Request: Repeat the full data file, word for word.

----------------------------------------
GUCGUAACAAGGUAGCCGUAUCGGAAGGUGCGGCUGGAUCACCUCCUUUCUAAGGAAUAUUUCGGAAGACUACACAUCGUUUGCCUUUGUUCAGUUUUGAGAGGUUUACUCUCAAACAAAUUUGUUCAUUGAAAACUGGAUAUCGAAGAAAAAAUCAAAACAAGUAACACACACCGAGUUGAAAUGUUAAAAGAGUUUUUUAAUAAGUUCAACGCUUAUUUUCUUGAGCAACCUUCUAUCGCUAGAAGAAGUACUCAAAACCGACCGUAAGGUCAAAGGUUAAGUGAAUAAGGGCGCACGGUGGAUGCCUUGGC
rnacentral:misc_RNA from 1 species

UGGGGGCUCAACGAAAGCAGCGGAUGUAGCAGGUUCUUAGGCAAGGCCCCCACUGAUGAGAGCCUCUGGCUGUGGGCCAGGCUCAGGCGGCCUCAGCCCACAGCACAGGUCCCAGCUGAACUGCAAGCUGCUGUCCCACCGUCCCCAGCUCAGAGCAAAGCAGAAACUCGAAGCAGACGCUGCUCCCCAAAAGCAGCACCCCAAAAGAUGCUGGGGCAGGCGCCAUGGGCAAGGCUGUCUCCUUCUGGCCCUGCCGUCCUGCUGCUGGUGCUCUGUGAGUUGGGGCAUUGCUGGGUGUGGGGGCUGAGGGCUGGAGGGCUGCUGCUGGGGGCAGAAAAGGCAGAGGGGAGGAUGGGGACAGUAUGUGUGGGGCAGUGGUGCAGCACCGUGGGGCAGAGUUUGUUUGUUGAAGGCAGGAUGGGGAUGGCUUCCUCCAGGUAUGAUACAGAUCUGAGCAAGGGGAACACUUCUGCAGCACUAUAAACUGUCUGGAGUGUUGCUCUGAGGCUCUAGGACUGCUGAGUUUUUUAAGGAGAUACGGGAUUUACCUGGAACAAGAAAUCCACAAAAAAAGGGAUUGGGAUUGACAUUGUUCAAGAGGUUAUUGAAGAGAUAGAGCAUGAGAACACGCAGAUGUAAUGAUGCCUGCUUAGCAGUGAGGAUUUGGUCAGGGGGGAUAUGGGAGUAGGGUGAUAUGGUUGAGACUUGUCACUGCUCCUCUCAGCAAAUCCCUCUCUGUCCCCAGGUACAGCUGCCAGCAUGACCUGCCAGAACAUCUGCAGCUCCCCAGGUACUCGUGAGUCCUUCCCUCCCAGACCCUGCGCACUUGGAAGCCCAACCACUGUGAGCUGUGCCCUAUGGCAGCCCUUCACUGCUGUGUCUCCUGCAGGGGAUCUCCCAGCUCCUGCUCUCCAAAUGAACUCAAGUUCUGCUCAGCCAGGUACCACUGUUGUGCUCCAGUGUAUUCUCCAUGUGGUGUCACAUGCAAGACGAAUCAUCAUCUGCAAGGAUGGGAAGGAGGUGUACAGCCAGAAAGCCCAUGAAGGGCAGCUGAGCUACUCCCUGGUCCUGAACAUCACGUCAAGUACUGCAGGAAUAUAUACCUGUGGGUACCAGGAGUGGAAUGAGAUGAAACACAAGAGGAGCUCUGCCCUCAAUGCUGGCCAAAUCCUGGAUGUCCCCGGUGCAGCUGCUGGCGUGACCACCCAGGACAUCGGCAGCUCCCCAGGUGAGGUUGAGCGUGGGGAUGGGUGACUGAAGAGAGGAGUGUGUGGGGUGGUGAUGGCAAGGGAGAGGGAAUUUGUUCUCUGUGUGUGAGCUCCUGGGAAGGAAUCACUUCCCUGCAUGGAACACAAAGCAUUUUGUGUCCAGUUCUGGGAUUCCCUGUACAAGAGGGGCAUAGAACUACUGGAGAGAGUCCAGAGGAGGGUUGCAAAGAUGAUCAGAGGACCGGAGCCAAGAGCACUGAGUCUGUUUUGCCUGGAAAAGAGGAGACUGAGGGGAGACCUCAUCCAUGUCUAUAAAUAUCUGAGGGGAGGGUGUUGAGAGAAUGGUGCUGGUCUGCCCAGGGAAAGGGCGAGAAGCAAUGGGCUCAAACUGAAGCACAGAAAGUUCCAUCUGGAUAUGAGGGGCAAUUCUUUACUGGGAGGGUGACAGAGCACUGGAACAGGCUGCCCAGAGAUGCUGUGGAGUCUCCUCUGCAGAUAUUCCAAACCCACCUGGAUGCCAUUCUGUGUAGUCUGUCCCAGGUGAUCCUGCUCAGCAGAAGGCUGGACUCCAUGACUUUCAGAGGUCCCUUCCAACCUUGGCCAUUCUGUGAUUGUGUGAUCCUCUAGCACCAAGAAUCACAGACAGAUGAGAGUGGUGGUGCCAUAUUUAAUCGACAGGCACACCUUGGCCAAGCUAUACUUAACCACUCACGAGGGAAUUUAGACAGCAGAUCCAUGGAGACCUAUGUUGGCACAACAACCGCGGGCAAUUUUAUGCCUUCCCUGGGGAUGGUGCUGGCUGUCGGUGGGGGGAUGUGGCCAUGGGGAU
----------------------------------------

GUCGUAACAAGGUAGCCGUAUCGGAAGGUGCGGCUGGAUCACCUCCUUUCUAAGGAAUAUUUCGGAAGACUACACAUCGUUUGCCUUUGUUCAGUUUUGAGAGGUUUACUCUCAAACAAAUUUGUUCAUUGAAAACUGGAUAUCGAAGAAAAAAUCAAAACAAGUAACACACACCGAGUUGAAAUGUUAAAAGAGUUUUUUAAUAAGUUCAACGCUUAUUUUCUUGAGCAACCUUCUAUCGCUAGAAGAAGUACUCAAAACCGACCGUAAGGUCAAAGGUUAAGUGAAUAAGGGCGCACGGUGGAUGCCUUGGC
rnacentral:misc_RNA from 1 species

UGGGGGCUCAACGAAAGCAGCGGAUGUAGCAGGUUCUUAGGCAAGGCCCCCACUGAUGAGAGCCUCUGGCUGUGGGCCAGGCUCAGGCGGCCUCAGCCCACAGCACAGGUCCCAGCUGAACUGCAAGCUGCUGUCCCACCGUCCCCAGCUCAGAGCAAAGCAGAAACUCGAAGCAGACGCUGCUCCCCAAAAGCAGCACCCCAAAAGAUGCUGGGGCAGGCGCCAUGGGCAAGGCUGUCUCCUUCUGGCCCUGCCGUCCUGCUGCUGGUGCUCUGUGAGUUGGGGCAUUGCUGGGUGUGGGGGCUGAGGGCUGGAGGGCUGCUGCUGGGGGCAGAAAAGGCAGAGGGGAGGAUGGGGACAGUAUGUGUGGGGCAGUGGUGCAGCACCGUGGGGCAGAGUUUGUUUGUUGAAGGCAGGAUGGGGAUGGCUUCCUCCAGGUAUGAUACAGAUCUGAGCAAGGGGAACACUUCUGCAGCACUAUAAACUGUCUGGAGUGUUGCUCUGAGGCUCUAGGACUGCUGAGUUUUUUAAGGAGAUACGGGAUUUACCUGGAACAAGAAAUCCACAAAAAAAGGGAUUGGGAUUGACAUUGUUCAAGAGGUUAUUGAAGAGAUAGAGCAUGAGAACACGCAGAUGUAAUGAUGCCUGCUUAGCAGUGAGGAUUUGGUCAGGGGGGAUAUGGGAGUAGGGUGAUAUGGUUGAGACUUGUCACUGCUCCUCUCAGCAAAUCCCUCUCUGUCCCCAGGUACAGCUGCCAGCAUGACCUGCCAGAACAUCUGCAGCUCCCCAGGUACUCGUGAGUCCUUCCCUCCCAGACCCUGCGCACUUGGAAGCCCAACCACUGUGAGCUGUGCCCUAUGGCAGCCCUUCACUGCUGUGUCUCCUGCAGGGGAUCUCCCAGCUCCUGCUCUCCAAAUGAACUCAAGUUCUGCUCAGCCAGGUACCACUGUUGUGCUCCAGUGUAUUCUCCAUGUGGUGUCACAUGCAAGACGAAUCAUCAUCUGCAAGGAUGGGAAGGAGGUGUACAGCCAGAAAGCCCAUGAAGGGCAGCUGAGCUACUCCCUGGUCCUGAACAUCACGUCAAGUACUGCAGGAAUAUAUACCUGUGGGUACCAGGAGUGGAAUGAGAUGAAACACAAGAGGAGCUCUGCCCUCAAUGCUGGCCAAAUCCUGGAUGUCCCCGGUGCAGCUGCUGGCGUGACCACCCAGGACAUCGGCAGCUCCCCAGGUGAGGUUGAGCGUGGGGAUGGGUGACUGAAGAGAGGAGUGUGUGGGGUGGUGAUGGCAAGGGAGAGGGAAUUUGUUCUCUGUGUGUGAGCUCCUGGGAAGGAAUCACUUCCCUGCAUGGAACACAAAGCAUUUUGUGUCCAGUUCUGGGAUUCCCUGUACAAGAGGGGCAUAGAACUACUGGAGAGAGUCCAGAGGAGGGUUGCAAAGAUGAUCAGAGGACCGGAGCCAAGAGCACUGAGUCUGUUUUGCCUGGAAAAGAGGAGACUGAGGGGAGACCUCAUCCAUGUCUAUAAAUAUCUGAGGGGAGGGUGUUGAGAGAAUGGUGCUGGUCUGCCCAGGGAAAGGGCGAGAAGCAAUGGGCUCAAACUGAAGCACAGAAAGUUCCAUCUGGAUAUGAGGGGCAAUUCUUUACUGGGAGGGUGACAGAGCACUGGAACAGGCUGCCCAGAGAUGCUGUGGAGUCUCCUCUGCAGAUAUUCCAAACCCACCUGGAUGCCAUUCUGUGUAGUCUGUCCCAGGUGAUCCUGCUCAGCAGAAGGCUGGACUCCAUGACUUUCAGAGGUCCCUUCCAACCUUGGCCAUUCUGUGAUUGUGUGAUCCUCUAGCACCAAGAAUCACAGACAGAUGAGAGUGGUGGUGCCAUAUUUAAUCGACAGGCACACCUUGGCCAAGCUAUACUUAACCACUCACGAGGGAAUUUAGACAGCAGAUCCAUGGAGACCUAUGUUGGCACAACAACCGCGGGCAAUUUUAUGCCUUCCCUGGGGAUGGUGCUGGCUGUCGGUGGGGGGAUGUGGCCAUGGGGAU